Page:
So you’ll have to pardon my giggles when I read prominent columnists at the Washington Post suggest that making it easier (or in my experience, possible) to fire VA employees that aren’t doing their job a “danger to employee rights.”  If the columnist in question, Joe Davidson, failed to submit any more columns to the post, I’d imagine they’d probably terminate his employment… but if a VA doctor I waited four months to see for the three slipped discs in my back simply says, “I don’t see anything wrong here,” even after I showed him the MRI that clearly indicated the slipped discs, he gets to remain on easy street until it comes time to collect his retirement checks.

Soon after, the VA sent me a letter telling me that they’d like to look at my knees again in an effort to ascertain whether or not my back injury was tied to my multiple knee surgeries.  I thought that maybe they’d had a change of heart and were willing to help me… until I looked at the date of the appointment they assigned me.  The appointment was scheduled for the same day I received the letter, but for three hours before the mail carrier delivers to my house.

It was also two hours away.

I called the VA promptly to address the mistake and they assured me it wouldn’t be an issue and we could reschedule.  I waited another few weeks to receive a letter in the mail indicating when my appointment would be… only to finally receive a notice that because I had failed to appear at my previous appointment (the one requiring a time machine) it was the assessment of the VA that my knees must have miraculously healed themselves (despite missing ligaments and having no cartilage left) and would no longer require a service-connected disability rating.

Enraged, I started the appeals process and contacted a VA lawyer – who explained to me that I would have a better chance at simply filing a new claim for my knees, which may only take a few years to process, rather than waiting the average of three to five years the VA appeals process would take to make a determination on my fairly clear cut case.

Just to summarize – the Marine Corps retired me from active service because I have torn or missing ligaments in both knees and have had to have the meniscus in each knee removed.  The VA, in an effort to help my back (which still has yet to materialize) made a clerical error in scheduling me an appointment that was impossible to attend, and now I have to wait as many as five years for them to decide whether or not my knees, which are still held together mostly by willpower and hate, magically became all better thanks to their inability to look at a calendar.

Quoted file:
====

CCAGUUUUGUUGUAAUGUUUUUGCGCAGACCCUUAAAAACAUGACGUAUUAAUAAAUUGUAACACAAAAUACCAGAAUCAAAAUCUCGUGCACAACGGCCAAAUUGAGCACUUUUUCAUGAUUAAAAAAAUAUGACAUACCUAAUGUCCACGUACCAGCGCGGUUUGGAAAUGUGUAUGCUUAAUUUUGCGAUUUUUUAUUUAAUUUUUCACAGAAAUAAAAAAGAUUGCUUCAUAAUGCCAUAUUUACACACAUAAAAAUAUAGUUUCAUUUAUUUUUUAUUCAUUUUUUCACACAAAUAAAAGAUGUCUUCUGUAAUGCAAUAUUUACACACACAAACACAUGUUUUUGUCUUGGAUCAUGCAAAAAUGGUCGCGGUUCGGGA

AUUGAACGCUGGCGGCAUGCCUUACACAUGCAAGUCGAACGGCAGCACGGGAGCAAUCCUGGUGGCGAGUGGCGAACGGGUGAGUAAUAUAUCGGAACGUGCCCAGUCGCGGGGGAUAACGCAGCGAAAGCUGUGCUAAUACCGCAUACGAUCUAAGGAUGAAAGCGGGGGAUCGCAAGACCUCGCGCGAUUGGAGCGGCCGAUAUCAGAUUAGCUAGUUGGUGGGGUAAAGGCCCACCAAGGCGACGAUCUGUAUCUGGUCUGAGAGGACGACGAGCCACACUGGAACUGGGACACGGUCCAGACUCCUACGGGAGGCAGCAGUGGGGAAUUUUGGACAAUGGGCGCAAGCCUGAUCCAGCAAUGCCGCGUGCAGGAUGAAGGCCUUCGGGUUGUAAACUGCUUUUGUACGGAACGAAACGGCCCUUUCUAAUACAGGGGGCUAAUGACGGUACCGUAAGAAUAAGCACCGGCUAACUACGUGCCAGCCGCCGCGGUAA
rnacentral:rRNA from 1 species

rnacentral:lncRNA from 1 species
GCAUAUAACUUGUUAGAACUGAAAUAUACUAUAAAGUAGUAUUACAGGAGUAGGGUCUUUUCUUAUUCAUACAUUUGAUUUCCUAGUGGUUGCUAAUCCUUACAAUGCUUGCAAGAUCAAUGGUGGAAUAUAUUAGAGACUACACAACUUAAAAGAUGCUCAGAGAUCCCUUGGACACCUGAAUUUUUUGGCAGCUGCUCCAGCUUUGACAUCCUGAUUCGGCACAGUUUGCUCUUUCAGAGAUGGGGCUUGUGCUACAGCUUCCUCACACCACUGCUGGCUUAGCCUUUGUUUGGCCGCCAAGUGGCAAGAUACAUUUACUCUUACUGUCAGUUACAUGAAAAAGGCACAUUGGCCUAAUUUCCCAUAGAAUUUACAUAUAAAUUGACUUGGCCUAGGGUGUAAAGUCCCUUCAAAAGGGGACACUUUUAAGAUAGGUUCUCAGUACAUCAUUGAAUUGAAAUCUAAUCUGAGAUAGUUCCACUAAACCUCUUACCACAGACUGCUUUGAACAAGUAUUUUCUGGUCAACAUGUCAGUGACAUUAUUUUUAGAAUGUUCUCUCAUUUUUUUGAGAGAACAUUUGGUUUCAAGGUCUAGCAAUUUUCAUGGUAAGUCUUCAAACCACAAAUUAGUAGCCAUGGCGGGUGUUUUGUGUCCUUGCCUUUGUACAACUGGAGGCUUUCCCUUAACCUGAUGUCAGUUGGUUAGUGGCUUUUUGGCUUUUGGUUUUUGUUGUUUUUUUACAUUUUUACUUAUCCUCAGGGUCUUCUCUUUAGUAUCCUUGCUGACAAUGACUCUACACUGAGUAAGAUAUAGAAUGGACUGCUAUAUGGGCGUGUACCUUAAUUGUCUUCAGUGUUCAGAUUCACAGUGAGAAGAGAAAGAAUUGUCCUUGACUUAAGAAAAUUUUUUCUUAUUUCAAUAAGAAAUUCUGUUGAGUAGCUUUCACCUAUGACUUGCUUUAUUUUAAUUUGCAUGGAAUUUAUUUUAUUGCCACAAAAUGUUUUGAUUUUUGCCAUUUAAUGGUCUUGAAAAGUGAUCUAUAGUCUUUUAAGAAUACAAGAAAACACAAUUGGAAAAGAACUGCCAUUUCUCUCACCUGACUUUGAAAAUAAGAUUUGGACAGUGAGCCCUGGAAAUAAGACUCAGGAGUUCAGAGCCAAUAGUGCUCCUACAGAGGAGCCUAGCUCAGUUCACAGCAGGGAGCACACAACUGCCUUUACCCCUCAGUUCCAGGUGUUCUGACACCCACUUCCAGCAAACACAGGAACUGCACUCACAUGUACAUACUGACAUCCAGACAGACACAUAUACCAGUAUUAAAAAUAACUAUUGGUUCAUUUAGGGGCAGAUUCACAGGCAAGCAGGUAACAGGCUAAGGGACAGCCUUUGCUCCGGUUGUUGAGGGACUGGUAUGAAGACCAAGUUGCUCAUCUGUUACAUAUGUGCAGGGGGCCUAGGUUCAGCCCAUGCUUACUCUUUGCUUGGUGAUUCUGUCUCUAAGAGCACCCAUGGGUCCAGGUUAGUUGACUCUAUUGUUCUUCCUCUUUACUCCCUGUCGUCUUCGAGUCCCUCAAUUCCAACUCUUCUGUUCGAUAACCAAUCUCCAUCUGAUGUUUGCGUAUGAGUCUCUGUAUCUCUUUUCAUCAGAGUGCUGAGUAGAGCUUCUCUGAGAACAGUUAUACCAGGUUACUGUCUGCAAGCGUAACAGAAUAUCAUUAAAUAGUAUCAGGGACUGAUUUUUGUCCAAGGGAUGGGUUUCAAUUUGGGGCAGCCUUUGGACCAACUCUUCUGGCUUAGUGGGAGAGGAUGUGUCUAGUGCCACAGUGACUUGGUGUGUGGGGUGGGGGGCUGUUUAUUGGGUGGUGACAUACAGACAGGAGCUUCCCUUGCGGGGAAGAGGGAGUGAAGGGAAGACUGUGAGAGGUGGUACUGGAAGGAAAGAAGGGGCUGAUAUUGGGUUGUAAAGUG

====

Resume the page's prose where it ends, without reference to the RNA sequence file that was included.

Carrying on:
Thank God we have the AFGE to protect those employee’s jobs.  What would happen to America if federal employees could be fired for such trivial things as forcing me to spend the next five years fighting to prove that my knees are still bad because of a scheduling mistake?

Veterans Administration has fired 3,612 since January 2017

Read Next: Veterans Administration has fired 3,612 since January 2017

To be honest, I didn’t even submit my appeal for some time.  I felt ashamed of having to fight with the government for disability pay.  I’m grateful for everything the United States has given me, to include the opportunities I’ve gained thanks to my service, and it made me feel… gross to act as though I was entitled to recognition and pay in exchange for my knees that I would have gladly given up in service to my country anyway.  Having to go through the appeals process makes me feel like a leech and eats away at the pride I have in my service.

I can only imagine how many other people feel the same way, and lose their VA benefits because they aren’t willing to slog through the mud to convince the branch of government that’s supposed to be looking out for them that they need help; which the VA has already decided they didn’t deserve because of a missed appointment, an unchecked box, or a misspelled word on one of the countless forms every veteran has to fill out just to be seen by a VA doctor.

So you’ll have to excuse me if I have trouble demonizing the President Elect for suggesting that the process needs some changing.